One year after drastic safety measures were implemented to combat violence around the annual J'Ouvert celebrations, an NYPD official said that most security measures would largely remain the same, including the number of police on the outskirts of the celebration, the deployment of "violence interrupters," and the 6 a.m. start time.

Detective Roxanne Joseph outlined the overall plan for J'Ouvert safety measure at a roundtable discussion between community members, police representatives, and stakeholders at Brooklyn Borough Hall on Thursday. She noted that the number of checkpoints to enter into the J’Ouvert celebration will be increased, in order to avoid the frustrations around the long lines last year.

However, Detective Joseph and Borough President Eric Adams stressed that safety was the top priority, even if it meant that it would take longer for people to enter the J’Ouvert festivities. "We did hear concerns from people on how long it took to get inside the area and we don't want people to be unnecessarily overburdened," said Adams. "The goal...is that we don't want to be so rapid in our movement that we would dilute the safety of people inside."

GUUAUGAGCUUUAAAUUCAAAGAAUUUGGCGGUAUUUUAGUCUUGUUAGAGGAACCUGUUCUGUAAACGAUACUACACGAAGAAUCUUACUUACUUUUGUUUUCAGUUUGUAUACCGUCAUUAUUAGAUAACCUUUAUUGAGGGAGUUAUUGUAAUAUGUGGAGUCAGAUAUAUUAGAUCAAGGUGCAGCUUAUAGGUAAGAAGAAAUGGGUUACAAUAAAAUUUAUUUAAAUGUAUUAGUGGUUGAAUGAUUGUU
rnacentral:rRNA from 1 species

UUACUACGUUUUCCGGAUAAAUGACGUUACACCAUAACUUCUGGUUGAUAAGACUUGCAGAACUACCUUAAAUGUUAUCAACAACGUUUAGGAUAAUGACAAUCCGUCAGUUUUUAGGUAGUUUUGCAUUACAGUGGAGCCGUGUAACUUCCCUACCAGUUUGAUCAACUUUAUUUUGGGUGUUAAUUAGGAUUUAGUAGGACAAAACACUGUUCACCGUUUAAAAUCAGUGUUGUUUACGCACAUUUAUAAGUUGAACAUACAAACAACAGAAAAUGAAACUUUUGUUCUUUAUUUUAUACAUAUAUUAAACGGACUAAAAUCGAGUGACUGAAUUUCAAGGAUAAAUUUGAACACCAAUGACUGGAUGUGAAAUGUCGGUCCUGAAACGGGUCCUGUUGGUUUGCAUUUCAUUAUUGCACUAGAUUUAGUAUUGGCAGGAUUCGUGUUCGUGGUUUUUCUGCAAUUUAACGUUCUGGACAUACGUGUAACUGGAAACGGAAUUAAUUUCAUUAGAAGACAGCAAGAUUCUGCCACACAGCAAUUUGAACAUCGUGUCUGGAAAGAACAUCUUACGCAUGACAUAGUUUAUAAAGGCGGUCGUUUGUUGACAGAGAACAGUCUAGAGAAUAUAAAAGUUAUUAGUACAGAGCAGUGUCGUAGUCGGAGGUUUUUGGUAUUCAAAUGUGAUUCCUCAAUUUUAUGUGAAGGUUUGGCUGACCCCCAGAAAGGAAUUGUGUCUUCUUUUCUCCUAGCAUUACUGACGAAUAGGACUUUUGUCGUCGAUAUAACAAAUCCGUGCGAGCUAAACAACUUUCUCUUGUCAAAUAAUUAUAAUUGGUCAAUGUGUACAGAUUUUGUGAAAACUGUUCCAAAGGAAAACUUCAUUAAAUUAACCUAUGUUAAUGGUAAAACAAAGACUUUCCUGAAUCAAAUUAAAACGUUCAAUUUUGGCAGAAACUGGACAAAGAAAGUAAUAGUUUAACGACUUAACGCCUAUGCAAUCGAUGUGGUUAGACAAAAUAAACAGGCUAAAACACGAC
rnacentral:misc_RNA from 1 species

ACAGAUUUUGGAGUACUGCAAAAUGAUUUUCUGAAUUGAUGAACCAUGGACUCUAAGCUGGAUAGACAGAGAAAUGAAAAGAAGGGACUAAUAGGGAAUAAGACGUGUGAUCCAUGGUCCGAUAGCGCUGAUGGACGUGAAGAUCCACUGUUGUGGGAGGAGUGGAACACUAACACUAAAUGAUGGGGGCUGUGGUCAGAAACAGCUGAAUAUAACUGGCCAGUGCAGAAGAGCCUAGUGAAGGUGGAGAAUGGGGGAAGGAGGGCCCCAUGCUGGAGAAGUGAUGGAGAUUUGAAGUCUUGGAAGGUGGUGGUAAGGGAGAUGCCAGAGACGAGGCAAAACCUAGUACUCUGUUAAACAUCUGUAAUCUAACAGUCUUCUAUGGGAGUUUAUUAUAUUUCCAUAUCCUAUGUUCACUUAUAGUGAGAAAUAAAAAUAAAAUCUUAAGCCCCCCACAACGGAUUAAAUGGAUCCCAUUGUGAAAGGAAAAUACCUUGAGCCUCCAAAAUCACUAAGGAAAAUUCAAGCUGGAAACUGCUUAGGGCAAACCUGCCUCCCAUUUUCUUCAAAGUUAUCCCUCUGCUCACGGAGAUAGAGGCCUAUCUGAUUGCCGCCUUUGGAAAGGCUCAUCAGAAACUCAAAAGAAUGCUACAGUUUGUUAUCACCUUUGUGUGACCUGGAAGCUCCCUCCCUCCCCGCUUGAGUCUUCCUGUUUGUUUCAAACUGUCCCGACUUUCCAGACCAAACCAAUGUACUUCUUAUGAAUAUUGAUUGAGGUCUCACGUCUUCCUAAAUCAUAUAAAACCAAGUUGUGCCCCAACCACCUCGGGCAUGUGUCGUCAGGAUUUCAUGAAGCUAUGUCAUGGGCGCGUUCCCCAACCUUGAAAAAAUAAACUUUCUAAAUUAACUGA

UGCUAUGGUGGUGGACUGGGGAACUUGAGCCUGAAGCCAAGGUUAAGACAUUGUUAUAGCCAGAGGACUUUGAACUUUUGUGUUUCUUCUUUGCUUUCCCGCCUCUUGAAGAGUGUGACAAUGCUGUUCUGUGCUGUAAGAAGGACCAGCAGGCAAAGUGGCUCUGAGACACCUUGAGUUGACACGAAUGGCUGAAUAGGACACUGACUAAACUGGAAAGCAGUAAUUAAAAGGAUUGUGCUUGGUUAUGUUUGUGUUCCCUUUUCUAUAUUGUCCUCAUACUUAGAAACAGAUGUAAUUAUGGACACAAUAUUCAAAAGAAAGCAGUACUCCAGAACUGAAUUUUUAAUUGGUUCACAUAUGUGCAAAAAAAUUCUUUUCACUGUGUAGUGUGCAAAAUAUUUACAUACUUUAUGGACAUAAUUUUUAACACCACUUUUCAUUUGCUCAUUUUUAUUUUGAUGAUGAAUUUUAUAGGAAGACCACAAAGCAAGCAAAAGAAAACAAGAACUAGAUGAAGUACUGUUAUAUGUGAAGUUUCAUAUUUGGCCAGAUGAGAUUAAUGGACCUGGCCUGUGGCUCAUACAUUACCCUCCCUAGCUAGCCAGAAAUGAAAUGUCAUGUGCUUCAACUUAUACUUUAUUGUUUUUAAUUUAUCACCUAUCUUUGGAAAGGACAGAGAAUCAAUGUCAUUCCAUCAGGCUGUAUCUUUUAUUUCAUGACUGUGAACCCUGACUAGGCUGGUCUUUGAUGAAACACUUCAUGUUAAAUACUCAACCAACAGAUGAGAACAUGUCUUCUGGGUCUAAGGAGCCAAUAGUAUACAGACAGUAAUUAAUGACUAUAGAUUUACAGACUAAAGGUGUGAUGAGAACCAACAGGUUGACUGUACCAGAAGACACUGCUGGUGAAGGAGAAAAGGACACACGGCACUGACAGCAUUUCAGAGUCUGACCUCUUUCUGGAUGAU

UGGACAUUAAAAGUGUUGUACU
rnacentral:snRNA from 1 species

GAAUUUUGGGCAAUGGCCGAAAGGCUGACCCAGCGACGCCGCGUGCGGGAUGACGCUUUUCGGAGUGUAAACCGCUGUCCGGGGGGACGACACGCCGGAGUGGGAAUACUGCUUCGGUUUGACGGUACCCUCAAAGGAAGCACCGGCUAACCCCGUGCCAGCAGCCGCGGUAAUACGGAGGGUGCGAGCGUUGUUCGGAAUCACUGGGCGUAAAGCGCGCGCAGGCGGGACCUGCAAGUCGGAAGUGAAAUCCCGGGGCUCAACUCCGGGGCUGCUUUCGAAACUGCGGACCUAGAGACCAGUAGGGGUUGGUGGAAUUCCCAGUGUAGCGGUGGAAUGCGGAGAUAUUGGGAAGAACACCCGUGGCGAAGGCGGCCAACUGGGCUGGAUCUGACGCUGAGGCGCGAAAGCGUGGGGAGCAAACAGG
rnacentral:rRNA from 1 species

In 2015, a lawyer in the Cuomo administration was fatally shot when he walked by a gang dispute before J'Ouvert, and the following year, two people were killed, leading the city to adopt the strict security measures and move the start time from 2 a.m. to 6 a.m.

For months, there has also been a behind-the-scenes efforts to reach out to gang members to try and preemptively stem any violence this year. Pastor Gilford Monrose said that he has been working hand in hand with the NYPD and Brooklyn District Attorney Eric Gonzalez to talk to individual gang members and their parents. "We don't want to do any funerals after J'Ouvert," said Pastor Monrose.

Pastor Monrose also mentioned that, this evening, he is meeting with 40-50 high risk individuals as part of a check-in, where they will hear messages from the police and from people who have lost loved ones to gun violence. They will also be offered services, like GED assistance, or assistance if they are worried for their safety and want to move out of their neighborhood.

Both BP Adams and Detective Joseph reiterated that public safety is a shared responsibility between the police and community members. "So if little Johnny is saying he’s leaving at 1 a.m. to go to J'Ouvert, he is not. J'Ouvert starts at 6....When your loved one is leaving to go to J'Ouvert, what's in that knapsack? What is he or she carrying? Weapons do not fall out of the sky," he said.

"We are asking our community to take responsibility of what's happening in our community," said Detective Joseph. "If you know your kid is involved in violence and they are maybe coming out to commit violence on J'Ouvert, let us know, call us, let somebody know….if you know something is gonna happen, talk to the cop next to you."

That might be a hard sell to members of the community who are skeptical of the NYPD. "There is tension within our community when there is a police [officer] who shoots an unarmed black person," said Pastor Monrose. "But at the same time, we need the police. ...we need the police to help us have a safe carnival weekend."